Rondo had just one Saturday night, after another evening of wrestling with the . His right arm dribbled, passed and lifted a city’s hopes, while the left hung limply at his side.
That was all he needed to lead an improbable Celtics resurgence, a 97-81 victory that saved them from an 0-3 deficit in the Eastern Conference semifinals.
Based on imagery alone, Rondo should not have been on the court, surely not sprinting and dunking.
He fell awkwardly in the third quarter, bracing himself with his left arm, which bent gruesomely in the wrong direction. When he left for the locker room — trailed by an anxious-looking Danny Ainge, the team president — it seemed certain that Rondo’s night, and perhaps his season, was over.
Yet there he was, playing the entire fourth quarter, with one arm practically pinned to his side, leading the Celtics to a raucous victory at TD Garden.
“It’s not hard at all,” Rondo said later, “especially with the way guys played tonight.”
The Celtics are back from the edge, trailing 2-1 in the series, which continues with Game 4 here on Monday night. Rondo’s status is unclear, and Coach called his injury “a major concern.” Delonte West, Rondo’s backup, also is a question mark after bruising his left shoulder.
But for one night, the Celtics were the Celtics again — harassing into a miserable shooting night, corralling Chris Bosh and absorbing every blow that Dwyane Wade dished out.
summoned a vintage performance with 28 points and 18 rebounds. Paul Pierce at last won his battle with James, scoring 27 points. But it was Rondo’s inspired return, along with 6 points and 11 assists, that will be enshrined in franchise lore.
“That was a championship-caliber response,” Heat Coach Erik Spoelstra said. “No other real way to put it.”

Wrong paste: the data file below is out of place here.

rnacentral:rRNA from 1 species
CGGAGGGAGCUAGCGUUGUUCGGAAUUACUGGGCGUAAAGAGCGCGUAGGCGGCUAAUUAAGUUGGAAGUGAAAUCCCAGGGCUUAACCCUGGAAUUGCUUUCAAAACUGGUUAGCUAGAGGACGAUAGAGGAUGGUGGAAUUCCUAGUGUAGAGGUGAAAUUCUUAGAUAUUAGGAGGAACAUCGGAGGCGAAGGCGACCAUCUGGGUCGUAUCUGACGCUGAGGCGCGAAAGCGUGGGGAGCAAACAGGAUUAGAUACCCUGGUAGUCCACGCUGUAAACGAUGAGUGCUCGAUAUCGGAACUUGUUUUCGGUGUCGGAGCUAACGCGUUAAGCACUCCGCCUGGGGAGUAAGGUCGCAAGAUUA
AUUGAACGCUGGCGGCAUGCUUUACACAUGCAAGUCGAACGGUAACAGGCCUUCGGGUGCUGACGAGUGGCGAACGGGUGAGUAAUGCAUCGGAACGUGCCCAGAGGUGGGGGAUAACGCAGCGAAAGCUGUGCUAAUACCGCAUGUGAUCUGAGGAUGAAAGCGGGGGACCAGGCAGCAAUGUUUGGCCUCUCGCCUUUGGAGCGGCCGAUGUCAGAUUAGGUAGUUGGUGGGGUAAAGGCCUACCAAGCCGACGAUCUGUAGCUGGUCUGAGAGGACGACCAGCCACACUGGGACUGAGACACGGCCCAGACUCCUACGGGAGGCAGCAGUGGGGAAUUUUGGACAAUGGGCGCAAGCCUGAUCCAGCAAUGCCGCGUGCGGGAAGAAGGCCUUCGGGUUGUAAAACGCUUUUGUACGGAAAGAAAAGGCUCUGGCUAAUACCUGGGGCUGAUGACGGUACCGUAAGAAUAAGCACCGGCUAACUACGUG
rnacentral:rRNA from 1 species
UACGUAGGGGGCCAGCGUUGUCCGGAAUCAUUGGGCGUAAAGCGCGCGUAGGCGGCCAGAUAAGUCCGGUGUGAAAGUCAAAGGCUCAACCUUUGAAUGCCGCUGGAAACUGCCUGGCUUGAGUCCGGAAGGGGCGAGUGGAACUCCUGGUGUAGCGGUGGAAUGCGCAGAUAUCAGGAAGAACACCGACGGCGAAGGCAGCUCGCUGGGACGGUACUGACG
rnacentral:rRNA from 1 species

Rondo and Wade were wrestling for a loose ball when both tumbled to the court with 7 minutes 2 seconds left in the third. Wade appeared to grab Rondo and pull him down, and Rondo instinctively stuck out his left hand to brace himself. His arm buckled and he collapsed to the court. The pain was so intense that Garnett, standing nearby, had to remind him to keep breathing.
The Celtics had a fragile 10-point lead at the time. Rondo said he never considered that his night was over.
“My adrenaline was too high,” he said. “I fed off the crowd energy, my teammates out there playing well.”
He added: “I just wanted to play and be a part of it. I wasn’t doing much offensively, but I felt I could try to change the game’s momentum by getting to the ball defensively. And I just need two legs for that.”
Rondo started the fourth quarter, to the crowd’s surprise and delight. He mostly left his left arm down. But he raised it once to poke the ball from Bosh, then raced for a breakaway dunk that made it 81-63. Moments later, he committed a foul trying to draw a charge on Wade. He finished his night with a perfect bounce pass to Pierce in the corner for a 3-pointer.
“Just typical Rondo,” Garnett said.
Wade had 23 points for Miami but was not nearly as lethal as he had been in Games 1 and 2. James missed 10 of his 16 field-goal attempts and finished with 15 points.
“They played harder than us and they played more efficiently than us,” Spoelstra said. “We’re trying to take down a champion, and it will be one of the toughest things we have to do collectively.”
Twenty-four hours before the Celtics took the court, they saw the — their longtime rivals, and foe in two recent finals — fall to 0-3 against the . One aging dynasty was already waning. The Celtics seemed primed to follow.
Before tip-off, fans sang along to Journey’s “Don’t Stop Believin’ ” — an anthem that seemed more desperate than hopeful under the circumstances.
The three-day break since Game 2 probably benefited the Celtics the most, allowing Pierce (Achilles’), Ray Allen (chest) and Rondo (back) to heal from their injuries.
The early signs for Boston were encouraging. Pierce was hitting shots, was blocking shots (by both Wade and James) and the Big 3 scored the Celtics’ first 23 points.
When Zydrunas Ilgauskas’s errant pass landed in the lap of Wyc Grousbeck, the Celtics’ managing partner, it seemed the leprechaun’s magic was at work. Boston quickly built an 11-point lead, its largest of the series.
Then the biggest leprechaun of all rose to his feet, to a steady crescendo and a standing ovation. checked in with 2:41 left in the first quarter, making his first appearance since April 3. His impact was minimal — an awkward reverse layup, a steal, a foul — and the Celtics lost 5 points off their lead with O’Neal on the court.
But for a time, the Celtics were whole again. Achy and aging, but whole and still fighting.